Often lost in the discussion about Detroit’s bankruptcy is the scope of the city’s troubles following six spiraling decades of job losses and residential flight.
More than a third of the residents live below the poverty level. Police, firefighters and paramedics are too overwhelmed to handle the demand for services. And neighborhoods are deteriorating.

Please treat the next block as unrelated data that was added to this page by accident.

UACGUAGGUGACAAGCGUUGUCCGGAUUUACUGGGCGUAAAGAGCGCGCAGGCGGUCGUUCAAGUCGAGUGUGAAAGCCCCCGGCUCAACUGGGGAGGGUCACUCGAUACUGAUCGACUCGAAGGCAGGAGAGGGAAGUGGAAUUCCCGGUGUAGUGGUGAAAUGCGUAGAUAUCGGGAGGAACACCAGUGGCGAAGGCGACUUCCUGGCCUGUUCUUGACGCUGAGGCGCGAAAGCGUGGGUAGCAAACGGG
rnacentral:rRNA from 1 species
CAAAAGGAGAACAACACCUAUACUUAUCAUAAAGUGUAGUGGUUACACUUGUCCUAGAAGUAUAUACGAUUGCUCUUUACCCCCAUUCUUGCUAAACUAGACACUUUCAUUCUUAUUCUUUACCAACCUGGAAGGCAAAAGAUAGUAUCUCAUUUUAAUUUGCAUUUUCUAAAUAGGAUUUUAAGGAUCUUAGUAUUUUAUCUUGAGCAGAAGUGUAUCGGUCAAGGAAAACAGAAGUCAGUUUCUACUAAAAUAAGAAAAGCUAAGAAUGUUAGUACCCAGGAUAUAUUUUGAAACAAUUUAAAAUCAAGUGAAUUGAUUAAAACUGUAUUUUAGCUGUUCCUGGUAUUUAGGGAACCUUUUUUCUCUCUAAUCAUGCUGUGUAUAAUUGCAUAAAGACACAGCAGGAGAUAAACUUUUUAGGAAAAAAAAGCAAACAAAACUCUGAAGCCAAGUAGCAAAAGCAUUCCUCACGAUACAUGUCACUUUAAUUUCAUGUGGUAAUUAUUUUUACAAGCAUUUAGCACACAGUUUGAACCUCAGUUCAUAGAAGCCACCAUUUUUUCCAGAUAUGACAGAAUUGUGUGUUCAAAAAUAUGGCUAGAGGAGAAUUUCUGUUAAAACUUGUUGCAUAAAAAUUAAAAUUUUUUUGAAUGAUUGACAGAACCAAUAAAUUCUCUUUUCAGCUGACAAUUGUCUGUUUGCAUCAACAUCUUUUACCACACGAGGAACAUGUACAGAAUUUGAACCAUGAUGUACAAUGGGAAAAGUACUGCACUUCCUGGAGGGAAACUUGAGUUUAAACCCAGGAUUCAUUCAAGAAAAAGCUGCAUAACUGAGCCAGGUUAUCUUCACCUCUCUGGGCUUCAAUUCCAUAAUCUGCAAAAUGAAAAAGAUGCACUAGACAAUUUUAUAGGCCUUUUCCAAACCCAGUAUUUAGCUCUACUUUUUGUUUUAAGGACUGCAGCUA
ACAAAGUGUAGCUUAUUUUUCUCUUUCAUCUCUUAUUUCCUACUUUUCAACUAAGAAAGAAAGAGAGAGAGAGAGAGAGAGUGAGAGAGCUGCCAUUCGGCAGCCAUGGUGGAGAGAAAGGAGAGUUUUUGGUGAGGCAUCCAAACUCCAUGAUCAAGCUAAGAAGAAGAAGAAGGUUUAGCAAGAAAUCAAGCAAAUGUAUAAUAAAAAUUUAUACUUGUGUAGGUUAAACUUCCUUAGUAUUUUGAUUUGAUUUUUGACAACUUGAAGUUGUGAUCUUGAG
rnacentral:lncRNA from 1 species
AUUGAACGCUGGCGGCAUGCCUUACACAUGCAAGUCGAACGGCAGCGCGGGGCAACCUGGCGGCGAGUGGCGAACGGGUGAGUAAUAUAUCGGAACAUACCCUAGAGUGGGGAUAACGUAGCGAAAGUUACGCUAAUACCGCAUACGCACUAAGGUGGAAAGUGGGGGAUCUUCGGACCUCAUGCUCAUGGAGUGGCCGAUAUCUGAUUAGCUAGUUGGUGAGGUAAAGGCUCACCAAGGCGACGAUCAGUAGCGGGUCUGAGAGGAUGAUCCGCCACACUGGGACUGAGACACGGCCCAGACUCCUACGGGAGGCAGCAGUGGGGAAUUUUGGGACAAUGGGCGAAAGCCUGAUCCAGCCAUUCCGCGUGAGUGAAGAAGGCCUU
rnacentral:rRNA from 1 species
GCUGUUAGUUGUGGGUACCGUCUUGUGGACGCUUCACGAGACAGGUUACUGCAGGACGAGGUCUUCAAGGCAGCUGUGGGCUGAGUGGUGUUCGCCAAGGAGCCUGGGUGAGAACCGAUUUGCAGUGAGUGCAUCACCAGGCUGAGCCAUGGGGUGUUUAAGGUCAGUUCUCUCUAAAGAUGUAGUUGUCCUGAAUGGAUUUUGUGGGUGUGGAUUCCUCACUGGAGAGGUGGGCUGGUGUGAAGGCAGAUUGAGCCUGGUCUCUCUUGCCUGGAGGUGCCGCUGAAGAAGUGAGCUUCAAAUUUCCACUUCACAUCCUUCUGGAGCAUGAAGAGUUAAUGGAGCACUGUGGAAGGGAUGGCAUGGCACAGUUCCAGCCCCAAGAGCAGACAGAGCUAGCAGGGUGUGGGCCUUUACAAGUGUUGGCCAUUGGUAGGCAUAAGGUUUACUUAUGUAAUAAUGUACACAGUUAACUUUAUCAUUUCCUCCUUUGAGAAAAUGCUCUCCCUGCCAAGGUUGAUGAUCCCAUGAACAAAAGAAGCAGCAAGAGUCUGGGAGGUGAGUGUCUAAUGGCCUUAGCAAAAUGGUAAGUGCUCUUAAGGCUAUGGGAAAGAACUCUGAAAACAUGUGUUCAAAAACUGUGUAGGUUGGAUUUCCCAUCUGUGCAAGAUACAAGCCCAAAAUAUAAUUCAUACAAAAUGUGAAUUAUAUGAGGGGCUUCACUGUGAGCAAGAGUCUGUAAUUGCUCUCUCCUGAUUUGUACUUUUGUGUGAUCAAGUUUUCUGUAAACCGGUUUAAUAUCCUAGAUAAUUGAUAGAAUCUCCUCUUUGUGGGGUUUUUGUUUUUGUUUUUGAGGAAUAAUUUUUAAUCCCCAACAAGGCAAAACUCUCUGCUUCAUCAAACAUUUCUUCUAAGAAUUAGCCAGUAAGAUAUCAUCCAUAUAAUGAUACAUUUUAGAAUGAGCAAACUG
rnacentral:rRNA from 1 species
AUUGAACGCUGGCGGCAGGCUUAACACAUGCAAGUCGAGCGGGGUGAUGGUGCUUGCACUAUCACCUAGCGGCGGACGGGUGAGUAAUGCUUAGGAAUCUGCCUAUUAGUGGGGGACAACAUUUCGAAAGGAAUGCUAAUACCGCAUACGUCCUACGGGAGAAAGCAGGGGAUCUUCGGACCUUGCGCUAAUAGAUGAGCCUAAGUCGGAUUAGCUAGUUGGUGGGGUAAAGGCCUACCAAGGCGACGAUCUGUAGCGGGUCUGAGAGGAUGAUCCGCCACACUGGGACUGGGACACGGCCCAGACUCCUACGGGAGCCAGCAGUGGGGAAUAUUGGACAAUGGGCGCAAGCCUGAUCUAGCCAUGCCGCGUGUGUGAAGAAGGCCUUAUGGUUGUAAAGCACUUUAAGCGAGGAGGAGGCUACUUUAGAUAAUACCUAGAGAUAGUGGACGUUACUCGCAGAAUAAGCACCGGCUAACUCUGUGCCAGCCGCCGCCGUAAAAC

The reality is so bleak that creditors protested U.S. Bankruptcy Judge Steven Rhodes’ planned bus tour of the city, arguing it is irrelevant.
“What the objectors really mean is that they do not want the court to come face-to-face with the human reality that is the flip side of the cold, sterile numbers,” lawyer Deborah Kovsky-Apap wrote.
This is the human reality for many.
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